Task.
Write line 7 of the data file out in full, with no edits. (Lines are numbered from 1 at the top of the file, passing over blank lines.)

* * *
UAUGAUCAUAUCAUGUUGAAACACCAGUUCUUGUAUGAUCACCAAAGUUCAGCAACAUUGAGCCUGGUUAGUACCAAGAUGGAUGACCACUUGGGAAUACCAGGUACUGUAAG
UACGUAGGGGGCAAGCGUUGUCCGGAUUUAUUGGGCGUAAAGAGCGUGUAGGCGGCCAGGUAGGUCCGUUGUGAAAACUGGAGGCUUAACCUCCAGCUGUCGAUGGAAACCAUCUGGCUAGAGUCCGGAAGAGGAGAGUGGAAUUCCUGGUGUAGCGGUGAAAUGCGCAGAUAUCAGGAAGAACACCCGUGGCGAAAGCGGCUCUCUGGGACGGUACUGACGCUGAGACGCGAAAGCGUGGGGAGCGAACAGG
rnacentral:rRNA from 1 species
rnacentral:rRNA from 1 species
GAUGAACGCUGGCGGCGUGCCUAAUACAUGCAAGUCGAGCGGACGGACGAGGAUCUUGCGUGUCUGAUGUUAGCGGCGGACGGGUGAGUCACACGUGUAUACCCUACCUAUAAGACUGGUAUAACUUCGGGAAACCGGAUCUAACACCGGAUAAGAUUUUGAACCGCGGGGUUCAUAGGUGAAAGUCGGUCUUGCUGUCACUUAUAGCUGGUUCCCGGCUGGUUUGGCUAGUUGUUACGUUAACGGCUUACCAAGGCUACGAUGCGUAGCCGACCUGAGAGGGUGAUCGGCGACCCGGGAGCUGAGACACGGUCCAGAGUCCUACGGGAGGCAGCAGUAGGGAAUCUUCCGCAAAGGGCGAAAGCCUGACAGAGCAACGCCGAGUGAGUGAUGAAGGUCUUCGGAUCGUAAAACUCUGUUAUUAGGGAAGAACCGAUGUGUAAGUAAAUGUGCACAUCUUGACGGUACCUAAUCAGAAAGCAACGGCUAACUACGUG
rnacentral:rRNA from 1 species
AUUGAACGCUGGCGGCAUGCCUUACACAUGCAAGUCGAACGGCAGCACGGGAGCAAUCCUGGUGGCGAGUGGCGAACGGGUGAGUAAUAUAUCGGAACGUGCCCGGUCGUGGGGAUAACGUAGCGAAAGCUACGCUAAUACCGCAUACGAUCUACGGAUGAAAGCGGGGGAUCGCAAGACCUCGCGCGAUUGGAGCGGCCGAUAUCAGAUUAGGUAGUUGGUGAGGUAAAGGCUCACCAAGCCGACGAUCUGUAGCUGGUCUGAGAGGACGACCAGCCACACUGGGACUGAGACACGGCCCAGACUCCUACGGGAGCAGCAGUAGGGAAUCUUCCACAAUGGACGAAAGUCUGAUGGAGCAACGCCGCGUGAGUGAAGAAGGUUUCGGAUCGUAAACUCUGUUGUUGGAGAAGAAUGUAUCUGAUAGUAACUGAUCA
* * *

AUUGAACGCUGGCGGCAUGCCUUACACAUGCAAGUCGAACGGCAGCACGGGAGCAAUCCUGGUGGCGAGUGGCGAACGGGUGAGUAAUAUAUCGGAACGUGCCCGGUCGUGGGGAUAACGUAGCGAAAGCUACGCUAAUACCGCAUACGAUCUACGGAUGAAAGCGGGGGAUCGCAAGACCUCGCGCGAUUGGAGCGGCCGAUAUCAGAUUAGGUAGUUGGUGAGGUAAAGGCUCACCAAGCCGACGAUCUGUAGCUGGUCUGAGAGGACGACCAGCCACACUGGGACUGAGACACGGCCCAGACUCCUACGGGAGCAGCAGUAGGGAAUCUUCCACAAUGGACGAAAGUCUGAUGGAGCAACGCCGCGUGAGUGAAGAAGGUUUCGGAUCGUAAACUCUGUUGUUGGAGAAGAAUGUAUCUGAUAGUAACUGAUCA